3 Steps to Creating a Disruptive Mindset If you want to change the world, you have to change your mind.
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Over the last two weeks, I have shared steps you can take to identify your next big thing and an exercise that will help you align your passion and profession with your vision. The final step you need to make your dream come true is to ready yourself and make needed changes.
When it comes to making big changes in the world around you, you must first challenge your mindset. Mindset is a powerful thing. Our mindsets determine everything: what we believe to be true, our value systems and the actions we take. And what got you to where you are today may not necessarily get you to where you want to be tomorrow. The good news is that there is a way to change your mind, change your actions and change your future.
1. Define your disrupter mindset.
Live as if your vision was a reality. For example, my vision is to change the way the world views female leaders and how female leaders view themselves in business, politics and society. To engender this type of change, I need to hold many new beliefs and actions, ones that will disrupt the status quo mindset.
I chose three disrupter mindsets that I must adopt and believe to be true. In order to live in a world where female leaders are seen as equal to men, I need many other people to also hold that belief. Therefore, I must value transformational leadership. Because there is incredible risk to my reputation, business opportunities and personal relationship, I also must view that risk as an enabler. Finally, because I am not a household name, I must believe that I can cultivate a platform that is used to orchestrate a new conversation.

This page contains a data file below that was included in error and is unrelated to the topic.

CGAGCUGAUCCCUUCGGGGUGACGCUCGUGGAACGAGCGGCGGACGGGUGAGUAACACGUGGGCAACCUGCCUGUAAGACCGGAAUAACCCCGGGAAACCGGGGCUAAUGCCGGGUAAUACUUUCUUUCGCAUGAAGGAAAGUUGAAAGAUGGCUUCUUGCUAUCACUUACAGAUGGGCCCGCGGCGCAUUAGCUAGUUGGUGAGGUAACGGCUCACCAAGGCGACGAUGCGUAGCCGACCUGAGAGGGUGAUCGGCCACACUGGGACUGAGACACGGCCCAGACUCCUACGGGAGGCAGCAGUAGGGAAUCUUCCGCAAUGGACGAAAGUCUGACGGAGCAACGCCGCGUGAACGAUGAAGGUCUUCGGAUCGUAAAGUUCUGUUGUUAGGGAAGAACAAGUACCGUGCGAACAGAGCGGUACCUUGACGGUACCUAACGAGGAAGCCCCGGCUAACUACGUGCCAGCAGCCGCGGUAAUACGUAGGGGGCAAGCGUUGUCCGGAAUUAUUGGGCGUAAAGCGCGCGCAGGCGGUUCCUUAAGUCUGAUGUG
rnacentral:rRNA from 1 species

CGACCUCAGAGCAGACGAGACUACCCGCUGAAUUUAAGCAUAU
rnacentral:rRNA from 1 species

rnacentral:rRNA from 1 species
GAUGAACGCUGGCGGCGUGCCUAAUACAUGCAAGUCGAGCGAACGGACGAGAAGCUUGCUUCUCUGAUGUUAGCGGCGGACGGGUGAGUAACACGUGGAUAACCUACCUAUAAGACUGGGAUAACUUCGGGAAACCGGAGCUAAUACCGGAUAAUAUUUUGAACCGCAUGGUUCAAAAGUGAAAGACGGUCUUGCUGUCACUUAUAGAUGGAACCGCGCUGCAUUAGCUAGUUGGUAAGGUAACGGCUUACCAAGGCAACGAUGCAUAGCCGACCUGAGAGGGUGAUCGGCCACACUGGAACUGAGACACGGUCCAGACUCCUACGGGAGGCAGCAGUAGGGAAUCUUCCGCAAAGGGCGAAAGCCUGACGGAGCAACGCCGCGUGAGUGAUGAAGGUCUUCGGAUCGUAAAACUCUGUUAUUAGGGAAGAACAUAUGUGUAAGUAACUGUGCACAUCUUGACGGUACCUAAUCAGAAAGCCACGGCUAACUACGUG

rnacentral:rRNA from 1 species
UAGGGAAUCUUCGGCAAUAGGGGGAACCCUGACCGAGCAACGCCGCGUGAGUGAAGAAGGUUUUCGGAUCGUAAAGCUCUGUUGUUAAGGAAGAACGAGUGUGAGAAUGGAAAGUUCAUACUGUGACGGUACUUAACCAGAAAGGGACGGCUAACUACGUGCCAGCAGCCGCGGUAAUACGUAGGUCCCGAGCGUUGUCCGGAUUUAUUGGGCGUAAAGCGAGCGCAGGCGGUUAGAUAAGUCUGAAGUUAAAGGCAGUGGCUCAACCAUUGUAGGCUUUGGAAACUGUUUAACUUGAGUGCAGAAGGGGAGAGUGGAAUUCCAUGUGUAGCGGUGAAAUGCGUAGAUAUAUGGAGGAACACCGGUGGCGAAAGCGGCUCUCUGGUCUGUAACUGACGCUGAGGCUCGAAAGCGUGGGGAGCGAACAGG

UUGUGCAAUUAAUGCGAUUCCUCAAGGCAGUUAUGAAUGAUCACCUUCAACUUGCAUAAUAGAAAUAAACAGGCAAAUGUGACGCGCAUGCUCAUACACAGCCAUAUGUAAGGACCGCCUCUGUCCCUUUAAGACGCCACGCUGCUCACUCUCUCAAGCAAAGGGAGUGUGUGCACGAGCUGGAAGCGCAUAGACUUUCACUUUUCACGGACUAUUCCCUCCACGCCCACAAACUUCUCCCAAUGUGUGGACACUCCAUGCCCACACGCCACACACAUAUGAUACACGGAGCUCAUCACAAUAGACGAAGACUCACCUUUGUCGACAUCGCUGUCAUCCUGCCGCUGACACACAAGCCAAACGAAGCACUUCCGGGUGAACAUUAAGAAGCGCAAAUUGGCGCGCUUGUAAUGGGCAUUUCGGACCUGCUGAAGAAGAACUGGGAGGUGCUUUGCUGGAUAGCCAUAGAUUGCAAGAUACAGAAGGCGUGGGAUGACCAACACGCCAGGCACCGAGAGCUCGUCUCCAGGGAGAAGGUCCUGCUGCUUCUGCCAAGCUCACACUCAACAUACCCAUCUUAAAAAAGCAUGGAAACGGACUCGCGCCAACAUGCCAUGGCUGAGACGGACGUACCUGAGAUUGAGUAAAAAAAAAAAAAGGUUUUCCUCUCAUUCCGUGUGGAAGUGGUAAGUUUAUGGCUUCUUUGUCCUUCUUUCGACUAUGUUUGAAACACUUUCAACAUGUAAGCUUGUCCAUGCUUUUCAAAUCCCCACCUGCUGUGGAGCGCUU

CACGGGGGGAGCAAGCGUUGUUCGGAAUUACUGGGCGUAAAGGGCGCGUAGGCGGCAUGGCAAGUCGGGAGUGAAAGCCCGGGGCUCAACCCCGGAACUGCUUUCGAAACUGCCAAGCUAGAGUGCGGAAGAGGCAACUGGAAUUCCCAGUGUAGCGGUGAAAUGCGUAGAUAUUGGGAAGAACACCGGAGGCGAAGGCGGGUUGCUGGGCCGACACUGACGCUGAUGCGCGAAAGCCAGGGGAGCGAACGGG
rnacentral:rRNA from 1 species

As you consider your personal transformation, try to limit your mindset shifts to one to three only. It is too difficult to change too many things at once. After you have mastered a disrupter mindset, you can replace them with new focus areas.
2. Identify your status quo mindset.
For this next step, think about the mindset you hold that keeps the status quo alive. If I put more value in transactions than transformations, I would favor ego metrics -- where the number of powerful people on my contact list matters -- more than the value-based relationships I hold and cultivate.
The topic of gender equity is a passionate one and instills fear in the people who currently thrive in the current system. If I were one of those people, I would place greater emphasis on risk. The potential barriers that put my reputation, relationships and future at risk would consume my thoughts and would potentially cause me not to move forward.
Finally, the status quo mindset is that in order to be a person of influence, one who could drive meaningful transformation, you first have to work hard toward what you want, earn enough money and power and only then could you be a voice and leader of disruption.
3. Explain the impact of living your disrupter mindset.
Take a step back. Think about the impact of staying in the status quo mindset, where all your actions are driven by your existing behavior. Chances are, things will stay the same or get worse. We live in a world of constant change that results in increasing complexity. If you don't change your mindset and, ultimately, your behavior, no change will happen. Even if it does, it might not be the change you believe to be needed.
Now, consider the impact of moving from a status quo mindset to that of a disrupter. In the example above, the building blocks of cultural transformation are place. Through rich, trusting and mutually relationships, stakeholders and supporters will be able to help navigate barriers by turning them into strategies waiting to happen. In short, every risk becomes an opportunity to disrupt what's not working or what's in the way, clearing the path for the people coming behind you.